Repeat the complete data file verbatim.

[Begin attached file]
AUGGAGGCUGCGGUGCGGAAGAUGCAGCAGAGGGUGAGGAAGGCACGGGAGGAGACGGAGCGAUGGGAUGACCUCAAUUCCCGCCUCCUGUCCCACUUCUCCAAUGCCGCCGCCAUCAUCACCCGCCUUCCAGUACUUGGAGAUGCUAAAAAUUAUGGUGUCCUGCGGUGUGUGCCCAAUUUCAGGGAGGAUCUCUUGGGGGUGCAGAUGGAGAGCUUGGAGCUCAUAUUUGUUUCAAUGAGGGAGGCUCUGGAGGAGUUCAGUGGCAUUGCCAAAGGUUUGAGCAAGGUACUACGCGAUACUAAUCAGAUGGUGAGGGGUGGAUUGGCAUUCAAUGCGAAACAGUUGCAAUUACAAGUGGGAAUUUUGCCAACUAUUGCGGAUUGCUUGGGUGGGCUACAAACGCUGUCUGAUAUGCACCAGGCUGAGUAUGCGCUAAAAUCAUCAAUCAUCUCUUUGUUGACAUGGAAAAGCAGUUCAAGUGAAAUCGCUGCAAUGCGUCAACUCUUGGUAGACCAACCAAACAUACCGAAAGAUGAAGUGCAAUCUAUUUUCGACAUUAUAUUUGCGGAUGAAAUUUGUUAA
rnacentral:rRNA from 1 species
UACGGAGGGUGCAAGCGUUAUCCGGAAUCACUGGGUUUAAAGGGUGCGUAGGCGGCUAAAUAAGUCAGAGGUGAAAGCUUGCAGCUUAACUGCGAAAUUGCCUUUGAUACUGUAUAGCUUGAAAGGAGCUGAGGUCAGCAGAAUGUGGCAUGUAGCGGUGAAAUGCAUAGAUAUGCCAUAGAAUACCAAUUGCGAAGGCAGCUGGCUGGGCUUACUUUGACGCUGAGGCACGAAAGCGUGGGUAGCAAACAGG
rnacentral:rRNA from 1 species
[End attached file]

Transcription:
AUGGAGGCUGCGGUGCGGAAGAUGCAGCAGAGGGUGAGGAAGGCACGGGAGGAGACGGAGCGAUGGGAUGACCUCAAUUCCCGCCUCCUGUCCCACUUCUCCAAUGCCGCCGCCAUCAUCACCCGCCUUCCAGUACUUGGAGAUGCUAAAAAUUAUGGUGUCCUGCGGUGUGUGCCCAAUUUCAGGGAGGAUCUCUUGGGGGUGCAGAUGGAGAGCUUGGAGCUCAUAUUUGUUUCAAUGAGGGAGGCUCUGGAGGAGUUCAGUGGCAUUGCCAAAGGUUUGAGCAAGGUACUACGCGAUACUAAUCAGAUGGUGAGGGGUGGAUUGGCAUUCAAUGCGAAACAGUUGCAAUUACAAGUGGGAAUUUUGCCAACUAUUGCGGAUUGCUUGGGUGGGCUACAAACGCUGUCUGAUAUGCACCAGGCUGAGUAUGCGCUAAAAUCAUCAAUCAUCUCUUUGUUGACAUGGAAAAGCAGUUCAAGUGAAAUCGCUGCAAUGCGUCAACUCUUGGUAGACCAACCAAACAUACCGAAAGAUGAAGUGCAAUCUAUUUUCGACAUUAUAUUUGCGGAUGAAAUUUGUUAA
rnacentral:rRNA from 1 species
UACGGAGGGUGCAAGCGUUAUCCGGAAUCACUGGGUUUAAAGGGUGCGUAGGCGGCUAAAUAAGUCAGAGGUGAAAGCUUGCAGCUUAACUGCGAAAUUGCCUUUGAUACUGUAUAGCUUGAAAGGAGCUGAGGUCAGCAGAAUGUGGCAUGUAGCGGUGAAAUGCAUAGAUAUGCCAUAGAAUACCAAUUGCGAAGGCAGCUGGCUGGGCUUACUUUGACGCUGAGGCACGAAAGCGUGGGUAGCAAACAGG
rnacentral:rRNA from 1 species